Results for category "Guiding"

35 Articles
High up on the Mountaineers (our 6th pitch)

The Elephant’s Perch – a jewel lies in wait

Ben

The sharp ridgeline looks like a sawing blade – despite the dense haze that is in the air. Too many wild fires currently are burning not too far away from the Sawtooth Mountains in Idaho – and elsewhere in the U.S. Northwest. This mountain range holds some of the rock climber’s wildest dreams of unspoilt faces, perfect granite and  remote adventures at no more than a couple of hours walk.
As we’re in it for the fun, we took a shuttle across Redfish Lake, set up a camp and enjoyed 2 light daytrips to the Elephant’s Perch – rather than committing to a long roundtrip. What makes this trip still an adventure is that there is no guidebook on this area. We sketched a topo of the Mountaineer’s route – to the best of our memories and photographs.
This first small dose got us motivated … we’re coming back!

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Durrance Exum to The Grand Teton

Ben

“When the guide Paul Petzoldt slowly worked his way up towards the summit of “The Grand” with his guests, his assistant pushed off to the side. Glen Exum traversed a ledge towards the south rigde – today known as Wall Street. He free soloed the to the summit to join his master and guests.” This was when the upper part of the south ridge was first discovered, the lower section was awakened from hibernation by Jack Durrance five years later in 1936. That’s why, often the enchainment of “Lower Exum” and “Upper Exum” is called the “Durrance Exum”.

We like the old stories. And we like to check out the routes. Be amazed by the ancient and genius.

After a calm night between the boulders of the moraine below the Lower Saddle we got an after sunrise start. The route is a flow. It takes you through featured, occasionally exposed rock while you move into thinner air. The Tetons stand tall from the plains and eclipse surrounding ranges, yet being part of the chain of the Rockies.

Why are the Tetons that special? Ask the nerd! After the ranges in today’s western Wyoming had formed millions of years ago, not so long ago, but still more than half a million years ago, Yellowstone’s supervolcano erupted turning the mountains to the northeast of the Tetons into ashes and clouds. What is left behind is  a majestic range with summits hovering more than 2000 m above the plains. In short, the Tetons look like mountains are supposed to look like.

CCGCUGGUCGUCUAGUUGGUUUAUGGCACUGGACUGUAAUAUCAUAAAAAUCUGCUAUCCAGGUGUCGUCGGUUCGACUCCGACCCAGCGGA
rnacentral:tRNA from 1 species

Lyngen fjord with reflections

The 2017 Lyngen Adventure

Ben

Another day, another trip – but, different style.

Baggage delayed, flights changed, some guys in late. That’s how it started. But now that we’ve all arrived, there’s no hurry any more. The pace of the North slows us down. There’s no “rush for the slush” here. The sking starts in our backyard so to speak – and tons of great outings begin just a short drive down the road.

For day one we chose Tverrelvdalstinden. It offers a short climb to find the rhythm, an easy scramble along the ridge to challenge yourself and a varied descent to get a first taste of the spring season’s mix of slush and powder.

Day two was “the day with the break at the tree”. This trip took us across two passes, namely Rhieppi and the col North of Skaidevarri. It was all about travelling a mountain range on the island, see where we are and inhale the beauty.
Then, the time had come to tackle the first big piece. We climbed Rundsfjellet just south of Lyngseidet. The calm sea refected the mountains opposite of the Lyngen fjord. Unreal. The light, sugary snow made for some great shots in the evening sun we got into the open forest.


The next morning we welcomed our friends on board of the ferry to Olderdalen. They took us to a quiet island named Kagen. The stunning view from these mountain tops reaches out across the waters of the Northern Atlantic. We avoid commenting on snow conditions.

What’s next? We had already seen so beautiful places … but there’s one thing missing: the full alpine adventure. Lyngen does offer that, too. Indeed, we hadn’t collected any “hell points” yet – although we had earned several points on Norwegian food traditions. Stockfish, Fiskeboller and Karamelskecheese scored high!